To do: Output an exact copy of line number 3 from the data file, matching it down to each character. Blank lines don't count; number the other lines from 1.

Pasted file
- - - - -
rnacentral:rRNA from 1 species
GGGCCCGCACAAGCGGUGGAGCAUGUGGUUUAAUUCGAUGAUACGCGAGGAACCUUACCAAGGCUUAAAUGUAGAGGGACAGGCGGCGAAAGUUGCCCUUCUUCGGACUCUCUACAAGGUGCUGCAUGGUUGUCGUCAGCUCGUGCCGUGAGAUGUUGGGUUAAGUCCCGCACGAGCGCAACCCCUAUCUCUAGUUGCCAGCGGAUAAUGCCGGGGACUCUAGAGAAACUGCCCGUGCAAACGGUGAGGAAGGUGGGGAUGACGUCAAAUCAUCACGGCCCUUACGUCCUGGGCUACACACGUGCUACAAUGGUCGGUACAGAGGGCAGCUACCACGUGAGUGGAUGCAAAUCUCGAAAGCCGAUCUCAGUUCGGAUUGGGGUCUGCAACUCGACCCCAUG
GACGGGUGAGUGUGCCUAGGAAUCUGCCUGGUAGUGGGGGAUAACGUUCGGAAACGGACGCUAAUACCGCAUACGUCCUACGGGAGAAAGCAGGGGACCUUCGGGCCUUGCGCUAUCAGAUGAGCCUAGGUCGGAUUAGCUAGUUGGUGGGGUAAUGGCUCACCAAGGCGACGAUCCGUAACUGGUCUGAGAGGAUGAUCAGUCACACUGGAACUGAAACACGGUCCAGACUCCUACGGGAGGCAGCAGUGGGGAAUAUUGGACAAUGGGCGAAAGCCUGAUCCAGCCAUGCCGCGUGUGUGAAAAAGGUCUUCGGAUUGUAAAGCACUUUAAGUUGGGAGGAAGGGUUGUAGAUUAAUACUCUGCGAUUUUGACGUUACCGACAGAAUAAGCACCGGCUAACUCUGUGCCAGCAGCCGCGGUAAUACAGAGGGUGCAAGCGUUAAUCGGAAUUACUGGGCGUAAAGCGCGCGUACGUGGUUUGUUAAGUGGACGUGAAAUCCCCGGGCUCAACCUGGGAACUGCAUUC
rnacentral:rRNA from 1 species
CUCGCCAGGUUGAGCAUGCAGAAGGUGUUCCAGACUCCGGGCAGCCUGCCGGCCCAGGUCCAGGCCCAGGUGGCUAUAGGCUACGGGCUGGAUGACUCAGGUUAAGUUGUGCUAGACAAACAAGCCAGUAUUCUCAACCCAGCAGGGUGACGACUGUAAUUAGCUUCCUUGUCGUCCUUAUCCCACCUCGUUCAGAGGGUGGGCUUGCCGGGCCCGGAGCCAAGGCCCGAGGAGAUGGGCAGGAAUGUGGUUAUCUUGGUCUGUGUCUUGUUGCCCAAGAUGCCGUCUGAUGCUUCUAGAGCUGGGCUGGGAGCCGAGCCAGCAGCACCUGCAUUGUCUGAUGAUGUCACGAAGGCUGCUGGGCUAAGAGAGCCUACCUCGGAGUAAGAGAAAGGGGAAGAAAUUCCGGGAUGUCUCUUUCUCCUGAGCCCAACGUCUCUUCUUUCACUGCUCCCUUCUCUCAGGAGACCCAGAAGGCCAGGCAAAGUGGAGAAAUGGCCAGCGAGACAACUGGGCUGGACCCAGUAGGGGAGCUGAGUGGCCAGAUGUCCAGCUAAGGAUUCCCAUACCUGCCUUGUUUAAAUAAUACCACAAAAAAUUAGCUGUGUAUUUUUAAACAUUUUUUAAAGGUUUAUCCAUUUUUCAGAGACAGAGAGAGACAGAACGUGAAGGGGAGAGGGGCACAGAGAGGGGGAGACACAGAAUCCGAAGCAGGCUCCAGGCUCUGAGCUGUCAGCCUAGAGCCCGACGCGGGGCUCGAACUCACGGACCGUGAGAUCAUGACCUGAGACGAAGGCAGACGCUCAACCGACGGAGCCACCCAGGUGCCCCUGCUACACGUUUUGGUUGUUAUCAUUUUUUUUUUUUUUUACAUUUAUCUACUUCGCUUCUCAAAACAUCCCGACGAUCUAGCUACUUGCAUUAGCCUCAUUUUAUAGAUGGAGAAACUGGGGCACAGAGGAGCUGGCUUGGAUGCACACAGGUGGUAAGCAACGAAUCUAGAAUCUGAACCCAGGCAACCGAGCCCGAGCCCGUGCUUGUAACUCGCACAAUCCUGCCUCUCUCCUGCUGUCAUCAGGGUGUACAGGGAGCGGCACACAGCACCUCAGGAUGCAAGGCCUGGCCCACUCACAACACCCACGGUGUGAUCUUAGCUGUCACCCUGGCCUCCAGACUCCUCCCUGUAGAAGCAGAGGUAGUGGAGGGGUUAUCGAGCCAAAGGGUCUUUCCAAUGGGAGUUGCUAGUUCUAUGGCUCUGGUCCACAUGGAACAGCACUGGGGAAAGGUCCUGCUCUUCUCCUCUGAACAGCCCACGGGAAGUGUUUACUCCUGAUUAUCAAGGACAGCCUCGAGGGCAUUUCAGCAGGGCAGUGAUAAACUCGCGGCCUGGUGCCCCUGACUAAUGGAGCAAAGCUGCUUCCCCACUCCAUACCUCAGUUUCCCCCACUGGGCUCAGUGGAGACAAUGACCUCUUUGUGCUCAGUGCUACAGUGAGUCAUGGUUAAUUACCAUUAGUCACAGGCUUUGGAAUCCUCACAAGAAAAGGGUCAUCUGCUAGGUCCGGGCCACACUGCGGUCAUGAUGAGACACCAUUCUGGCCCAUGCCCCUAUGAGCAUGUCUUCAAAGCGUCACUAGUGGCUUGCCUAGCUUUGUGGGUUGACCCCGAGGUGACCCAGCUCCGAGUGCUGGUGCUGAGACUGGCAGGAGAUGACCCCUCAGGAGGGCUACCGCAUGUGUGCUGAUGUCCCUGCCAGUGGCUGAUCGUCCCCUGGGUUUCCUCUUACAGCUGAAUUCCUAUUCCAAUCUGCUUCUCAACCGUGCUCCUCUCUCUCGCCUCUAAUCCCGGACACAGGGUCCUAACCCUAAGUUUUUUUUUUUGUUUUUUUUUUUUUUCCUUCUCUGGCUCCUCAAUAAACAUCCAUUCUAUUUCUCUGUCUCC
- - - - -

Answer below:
GACGGGUGAGUGUGCCUAGGAAUCUGCCUGGUAGUGGGGGAUAACGUUCGGAAACGGACGCUAAUACCGCAUACGUCCUACGGGAGAAAGCAGGGGACCUUCGGGCCUUGCGCUAUCAGAUGAGCCUAGGUCGGAUUAGCUAGUUGGUGGGGUAAUGGCUCACCAAGGCGACGAUCCGUAACUGGUCUGAGAGGAUGAUCAGUCACACUGGAACUGAAACACGGUCCAGACUCCUACGGGAGGCAGCAGUGGGGAAUAUUGGACAAUGGGCGAAAGCCUGAUCCAGCCAUGCCGCGUGUGUGAAAAAGGUCUUCGGAUUGUAAAGCACUUUAAGUUGGGAGGAAGGGUUGUAGAUUAAUACUCUGCGAUUUUGACGUUACCGACAGAAUAAGCACCGGCUAACUCUGUGCCAGCAGCCGCGGUAAUACAGAGGGUGCAAGCGUUAAUCGGAAUUACUGGGCGUAAAGCGCGCGUACGUGGUUUGUUAAGUGGACGUGAAAUCCCCGGGCUCAACCUGGGAACUGCAUUC